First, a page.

WASHINGTON — Booz Allen’s venture capital arm chose remote-sensing startup Albedo as its first investment in a space company because of its potential to transform intelligence gathering, a senior executive said Jan. 23.

Albedo on Tuesday announced it raised $35 million to build and launch a network of ultra-high resolution Earth imaging satellites. Several venture firms participated in the funding round, including Booz Allen Ventures.

Booz Allen, a large consulting firm known for its work with the U.S. government and military, launched its corporate venture arm in 2022 and manages a fund of about $100 million.

“We are focused on investments in data coming from space,” Chris Bogdan, executive vice president at Booz Allen and head of the firm’s space business, told SpaceNews

He said Booz Allen intends to take an active role in working with Albedo to bring its technology to defense and intelligence users, as well as civilian applications like climate, infrastructure, agriculture, energy, and urban planning.

Booz Allen Ventures plans to invest in a broad range of tech sectors besides space, including analytics, cybersecurity and artificial intelligence. 

Satellites could replace drones, balloons

The U.S. military today relies on limited surveillance aircraft, drone flights, high-altitude balloons or intermittent satellite passes for overhead intelligence, Bogdan said, whereas Albedo promises more persistent eyes in the sky that can watch adversary movements or track targets of interest. 

Albedo’s low-flying satellites are designed to provide surveillance from very low Earth orbit, flying at altitudes of 200 to 300 miles. That allows the satellites to gather high resolution imagery without having to expose aircraft crews or drones to the risk of being shot down by adversary weapons.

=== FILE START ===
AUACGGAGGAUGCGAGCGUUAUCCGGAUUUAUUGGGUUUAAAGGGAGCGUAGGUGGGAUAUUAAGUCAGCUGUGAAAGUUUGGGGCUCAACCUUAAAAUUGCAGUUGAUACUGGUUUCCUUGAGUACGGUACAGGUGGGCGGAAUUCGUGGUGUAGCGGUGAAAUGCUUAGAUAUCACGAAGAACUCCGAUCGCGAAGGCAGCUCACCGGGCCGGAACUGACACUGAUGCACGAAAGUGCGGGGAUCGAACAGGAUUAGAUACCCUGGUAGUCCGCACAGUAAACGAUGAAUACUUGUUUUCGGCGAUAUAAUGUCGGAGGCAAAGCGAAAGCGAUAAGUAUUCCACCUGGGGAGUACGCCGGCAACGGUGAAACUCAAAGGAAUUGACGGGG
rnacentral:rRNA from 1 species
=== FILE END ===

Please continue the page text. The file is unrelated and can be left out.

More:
Bogdan, a retired U.S. Air Force lieutenant general, said having a bird’s-eye view of the entire battlefield, updated every few minutes with 10-centimeter resolution, would be a significant improvement compared to current technologies. 

“For a client who needs very accurate photos in the middle of the Pacific, a very low Earth orbit satellite can revisit that target five or six times a day, at a resolution that’s five times better than what’s in low Earth orbit today, and comparable and better than what our aerial assets do,” he said.

Despite advances in space-based surveillance, the U.S. military has struggled to make the transition away from aerial platforms, Bogdan pointed out. “The Air Force culture favors air platforms,” he added. “When assets are in space, in some people’s minds, they have less control.” Many government agencies compete for access to a limited number of satellites, “and the Air Force feels like they don’t want to have to get in line.”

But it’s also true that “satellites today can’t provide the same accuracy and the same resolution and the same quality of data that those airplanes could,” said Bogdan. “Albedo is going to be one of the first companies to prove that that can happen.”

Sandra Erwin writes about military space programs, policy, technology and the industry that supports this sector. She has covered the military, the Pentagon, Congress and the defense industry for nearly two decades as editor of NDIA’s National Defense...